SAVE Act Enforces Immigration Laws

Six years after 9-11, and after nearly a year of wrangling over President Bush’s disastrous plan for “comprehensive immigration reform”  the federal government still hasn’t done what most Americans want:  secure our borders from the continuing flood of illegal aliens.  Americans are frustrated and distrustful.

Yesterday, the reason for frustration was illustrated — again — by the leak of an unreleased Government Accountability Office report that more than 21,000 illegal immigrants crossed the border last year due to security slips at legal border crossing ports.

But — also yesterday — a bi-partisan coalition of congressmen introduced a three-part plan to end illegal immigration the same day a source with access to the latest unreleased GAO report leaked to CNN

The Secure America with Verification and Enforcement (SAVE) Act targets employers with stiff penalties for hiring illegal aliens, secures the northern and southern border by adding 8,000 new border patrol agents and increases interior enforcement by allowing for additional federal district court judges and providing more resources for law enforcement officers.

The Act is spearheaded Immigration Reform Caucus Chairman Rep. Brian Bilbray (R-Calif.), who said many components of the SAVE Act were already existing programs  employers could tap into immediately. He said Congress must “give the American people what they want” and stop “those who are purposely profiteering from exploitation of illegal immigration.”

Rep. Heath Schuler, a freshman “Blue Dog” Democrat, is another principal sponsor of the new bill.  Schuler voted against the immigration reform bill earlier this year and has worked for months to rally a bi-partisan panel of congressmen to support his proposal to enforce existing immigration laws and restore sovereignty to American lands.

At a press conference yesterday in the Capitol, Schuler stood among 16 House colleagues all strongly supporting the new bill. Most spoke, emphasizing that their bipartisan unity on the immigration issue severely contrasted with Senate attempts at bipartisanship, which lead to a failed amnesty bill.

“We must not fail to address these major concerns simply because of our inability to agree on every aspect of the massive immigration issue,” said Schuler, adding that the American people expect leadership to act on this matter soon.

More than 80 Republican and Democrat co-sponsors have attached their names to the bill and Schuler said he hopes it gets to the House floor for a vote. The bill emphasizes an e-verification program, which requires federal agencies, contractors and employers to verify the eligibility of all employees within one to four years, depending on the size of the company. In the process, identity fraud wrought through fake social security numbers and stolen credit cards would be downsized significantly.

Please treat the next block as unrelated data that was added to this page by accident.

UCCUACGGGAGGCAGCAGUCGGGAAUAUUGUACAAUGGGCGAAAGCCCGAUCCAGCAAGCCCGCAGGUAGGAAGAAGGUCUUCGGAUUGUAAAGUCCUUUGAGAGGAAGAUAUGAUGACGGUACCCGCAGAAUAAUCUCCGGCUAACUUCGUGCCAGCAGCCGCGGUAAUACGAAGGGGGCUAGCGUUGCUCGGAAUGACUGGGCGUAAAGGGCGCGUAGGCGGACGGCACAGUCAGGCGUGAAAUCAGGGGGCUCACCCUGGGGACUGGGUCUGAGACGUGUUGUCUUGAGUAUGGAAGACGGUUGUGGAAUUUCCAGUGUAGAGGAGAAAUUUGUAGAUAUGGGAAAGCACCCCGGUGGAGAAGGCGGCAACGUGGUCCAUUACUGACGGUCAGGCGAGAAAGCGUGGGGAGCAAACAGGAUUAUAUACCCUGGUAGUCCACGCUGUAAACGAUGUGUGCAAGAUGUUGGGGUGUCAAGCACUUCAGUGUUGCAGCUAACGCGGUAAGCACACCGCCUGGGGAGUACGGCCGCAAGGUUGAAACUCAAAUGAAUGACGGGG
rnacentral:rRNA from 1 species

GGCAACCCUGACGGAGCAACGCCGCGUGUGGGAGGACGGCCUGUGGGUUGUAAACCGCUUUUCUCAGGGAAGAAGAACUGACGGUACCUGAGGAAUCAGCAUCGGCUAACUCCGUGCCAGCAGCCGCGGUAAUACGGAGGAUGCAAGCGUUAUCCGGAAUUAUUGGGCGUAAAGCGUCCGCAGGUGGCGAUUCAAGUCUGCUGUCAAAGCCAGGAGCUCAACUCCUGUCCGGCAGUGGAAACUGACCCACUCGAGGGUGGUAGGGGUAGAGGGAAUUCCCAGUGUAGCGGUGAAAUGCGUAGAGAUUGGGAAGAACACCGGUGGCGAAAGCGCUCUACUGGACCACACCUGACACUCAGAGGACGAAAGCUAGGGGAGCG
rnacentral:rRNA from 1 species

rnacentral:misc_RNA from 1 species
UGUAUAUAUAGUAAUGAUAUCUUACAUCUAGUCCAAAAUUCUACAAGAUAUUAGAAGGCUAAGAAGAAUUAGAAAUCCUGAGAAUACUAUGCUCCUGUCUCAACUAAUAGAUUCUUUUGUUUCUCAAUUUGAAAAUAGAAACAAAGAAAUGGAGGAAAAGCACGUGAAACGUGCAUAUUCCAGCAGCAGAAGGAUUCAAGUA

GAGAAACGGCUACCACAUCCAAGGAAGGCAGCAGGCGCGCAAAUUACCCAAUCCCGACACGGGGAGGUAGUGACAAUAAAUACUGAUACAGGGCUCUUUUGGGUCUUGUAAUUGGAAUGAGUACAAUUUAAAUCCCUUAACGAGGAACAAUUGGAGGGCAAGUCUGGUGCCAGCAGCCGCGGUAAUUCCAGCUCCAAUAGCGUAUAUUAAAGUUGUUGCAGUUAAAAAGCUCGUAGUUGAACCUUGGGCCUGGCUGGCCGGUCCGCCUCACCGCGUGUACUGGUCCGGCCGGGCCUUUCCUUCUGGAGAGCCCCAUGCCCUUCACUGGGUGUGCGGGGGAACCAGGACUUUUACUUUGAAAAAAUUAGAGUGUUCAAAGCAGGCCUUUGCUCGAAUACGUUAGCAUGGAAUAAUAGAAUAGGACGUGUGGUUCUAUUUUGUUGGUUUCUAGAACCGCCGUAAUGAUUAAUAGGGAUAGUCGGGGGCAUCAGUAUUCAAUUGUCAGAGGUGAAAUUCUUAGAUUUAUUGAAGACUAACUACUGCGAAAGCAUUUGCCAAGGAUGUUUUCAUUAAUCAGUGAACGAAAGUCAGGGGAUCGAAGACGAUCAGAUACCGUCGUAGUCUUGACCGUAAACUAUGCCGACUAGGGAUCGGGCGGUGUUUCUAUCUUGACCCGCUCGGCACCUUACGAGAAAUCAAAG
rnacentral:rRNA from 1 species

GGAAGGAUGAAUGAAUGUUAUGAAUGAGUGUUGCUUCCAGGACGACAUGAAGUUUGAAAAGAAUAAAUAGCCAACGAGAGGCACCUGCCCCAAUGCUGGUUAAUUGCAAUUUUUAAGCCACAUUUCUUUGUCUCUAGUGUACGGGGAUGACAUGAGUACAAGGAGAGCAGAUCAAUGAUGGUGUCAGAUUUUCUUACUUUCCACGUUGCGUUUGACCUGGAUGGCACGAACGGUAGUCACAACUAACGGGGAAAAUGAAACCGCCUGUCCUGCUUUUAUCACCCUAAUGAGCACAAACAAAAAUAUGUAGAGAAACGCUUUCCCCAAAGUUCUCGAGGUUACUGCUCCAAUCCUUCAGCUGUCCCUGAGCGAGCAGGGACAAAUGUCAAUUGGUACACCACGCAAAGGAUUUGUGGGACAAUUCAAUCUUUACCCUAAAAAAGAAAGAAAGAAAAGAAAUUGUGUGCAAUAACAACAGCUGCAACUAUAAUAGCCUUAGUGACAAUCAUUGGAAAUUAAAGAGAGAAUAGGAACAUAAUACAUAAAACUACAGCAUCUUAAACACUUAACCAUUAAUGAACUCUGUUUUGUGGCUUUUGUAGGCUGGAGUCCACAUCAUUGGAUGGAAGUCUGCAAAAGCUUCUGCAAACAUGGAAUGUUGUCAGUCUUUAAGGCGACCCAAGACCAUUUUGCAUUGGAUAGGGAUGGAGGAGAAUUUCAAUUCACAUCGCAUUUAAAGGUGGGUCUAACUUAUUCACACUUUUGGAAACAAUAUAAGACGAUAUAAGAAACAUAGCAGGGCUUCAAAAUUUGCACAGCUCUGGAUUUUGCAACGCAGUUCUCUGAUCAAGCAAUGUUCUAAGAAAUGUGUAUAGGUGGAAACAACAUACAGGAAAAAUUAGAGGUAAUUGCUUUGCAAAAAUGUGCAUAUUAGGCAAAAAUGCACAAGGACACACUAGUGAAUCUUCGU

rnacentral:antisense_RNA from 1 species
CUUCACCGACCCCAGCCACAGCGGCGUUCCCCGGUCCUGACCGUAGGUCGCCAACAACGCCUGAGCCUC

The Act generally alleviates the burden of enforcing immigration laws from businesses and places it where it belongs:  in the Department of Homeland Security, which will collect the information, verify it and enable businesses to use the database . According to Schuler, more than 26,000 businesses are voluntarily and actively involved in e-resources programs already.

Rep. Brad Ellsworth (D-Ind.), a former law enforcement officer, recalled catching illegal immigrants on the job and being told federal authorities would not retrieve them. He said often there were not enough resources to get the job done and Congress must give law enforcement the necessary tools now.

Congressmen from America’s border states represented the most volatile areas in the fight against illegal immigration. Texas Rep. Ciro Rodriguez (D) said the Act would allow the law to “do the right thing” and Wisconsin Rep. Steve Kagan (D) said he constantly hears constituents lamenting, “I want my country back.”

Security against foreign enemies who might cross the border at an unmanned location was an important factor in the planning of this bill. Rep. Ed Royce (R-Calif.) recalled a member of Hezbollah who had crossed the border in the trunk of a car and that a speeding ticket was found in the car of one of the 9/11 hijackers. Had border security and law enforcement been implemented properly, these incidents might never have occurred.  This bill aims to solve the implementation problem with the added border patrol agents, including a double count of those on the northern border, which is often disregarded.

Rep. Nancy Boyda (D-Kan.) told the story of friends whose only daughter was killed by an illegal alien in a drunk driving accident. That immigrant still resides in America and was charged with only a misdemeanor.

Members addressed the issue of allowing illegal immigrant’s drivers licenses, contending that such an action would give individuals access to financial transactions and other activities requiring only an official ID. Issuing licenses — like New York State will do — creates a new gap in detecting illegal aliens’ residence in the US.  This new bill does not solve that problem.  At least yet.  It will, like most legislation, be amended as it moves through the congress. 

With 44 Democrats and 41 Republicans spanning membership in the Congressional Black Caucus, the Hispanic Caucus, Immigration Caucus, the Republican Study Committee and the Blue Dog Coalition, sponsors said they expect the bill to move forward.